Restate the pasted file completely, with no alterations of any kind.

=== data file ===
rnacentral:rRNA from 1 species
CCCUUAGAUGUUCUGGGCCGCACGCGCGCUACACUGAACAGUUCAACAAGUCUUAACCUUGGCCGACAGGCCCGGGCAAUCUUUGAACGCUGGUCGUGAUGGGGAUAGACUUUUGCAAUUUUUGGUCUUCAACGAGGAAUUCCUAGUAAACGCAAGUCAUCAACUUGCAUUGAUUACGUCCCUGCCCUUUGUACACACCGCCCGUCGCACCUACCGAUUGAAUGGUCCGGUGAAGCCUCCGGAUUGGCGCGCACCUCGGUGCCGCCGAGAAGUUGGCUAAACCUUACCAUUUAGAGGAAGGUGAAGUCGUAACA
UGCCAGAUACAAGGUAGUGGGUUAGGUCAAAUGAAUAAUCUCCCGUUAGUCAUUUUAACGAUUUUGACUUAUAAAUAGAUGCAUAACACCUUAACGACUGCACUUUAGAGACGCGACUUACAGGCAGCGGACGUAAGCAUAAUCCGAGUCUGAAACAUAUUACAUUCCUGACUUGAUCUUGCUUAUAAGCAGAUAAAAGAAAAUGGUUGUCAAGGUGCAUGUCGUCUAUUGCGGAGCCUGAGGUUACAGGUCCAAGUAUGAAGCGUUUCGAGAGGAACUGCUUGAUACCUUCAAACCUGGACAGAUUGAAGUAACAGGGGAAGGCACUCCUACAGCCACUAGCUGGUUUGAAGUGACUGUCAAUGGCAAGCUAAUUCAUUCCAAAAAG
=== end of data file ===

rnacentral:rRNA from 1 species
CCCUUAGAUGUUCUGGGCCGCACGCGCGCUACACUGAACAGUUCAACAAGUCUUAACCUUGGCCGACAGGCCCGGGCAAUCUUUGAACGCUGGUCGUGAUGGGGAUAGACUUUUGCAAUUUUUGGUCUUCAACGAGGAAUUCCUAGUAAACGCAAGUCAUCAACUUGCAUUGAUUACGUCCCUGCCCUUUGUACACACCGCCCGUCGCACCUACCGAUUGAAUGGUCCGGUGAAGCCUCCGGAUUGGCGCGCACCUCGGUGCCGCCGAGAAGUUGGCUAAACCUUACCAUUUAGAGGAAGGUGAAGUCGUAACA
UGCCAGAUACAAGGUAGUGGGUUAGGUCAAAUGAAUAAUCUCCCGUUAGUCAUUUUAACGAUUUUGACUUAUAAAUAGAUGCAUAACACCUUAACGACUGCACUUUAGAGACGCGACUUACAGGCAGCGGACGUAAGCAUAAUCCGAGUCUGAAACAUAUUACAUUCCUGACUUGAUCUUGCUUAUAAGCAGAUAAAAGAAAAUGGUUGUCAAGGUGCAUGUCGUCUAUUGCGGAGCCUGAGGUUACAGGUCCAAGUAUGAAGCGUUUCGAGAGGAACUGCUUGAUACCUUCAAACCUGGACAGAUUGAAGUAACAGGGGAAGGCACUCCUACAGCCACUAGCUGGUUUGAAGUGACUGUCAAUGGCAAGCUAAUUCAUUCCAAAAAG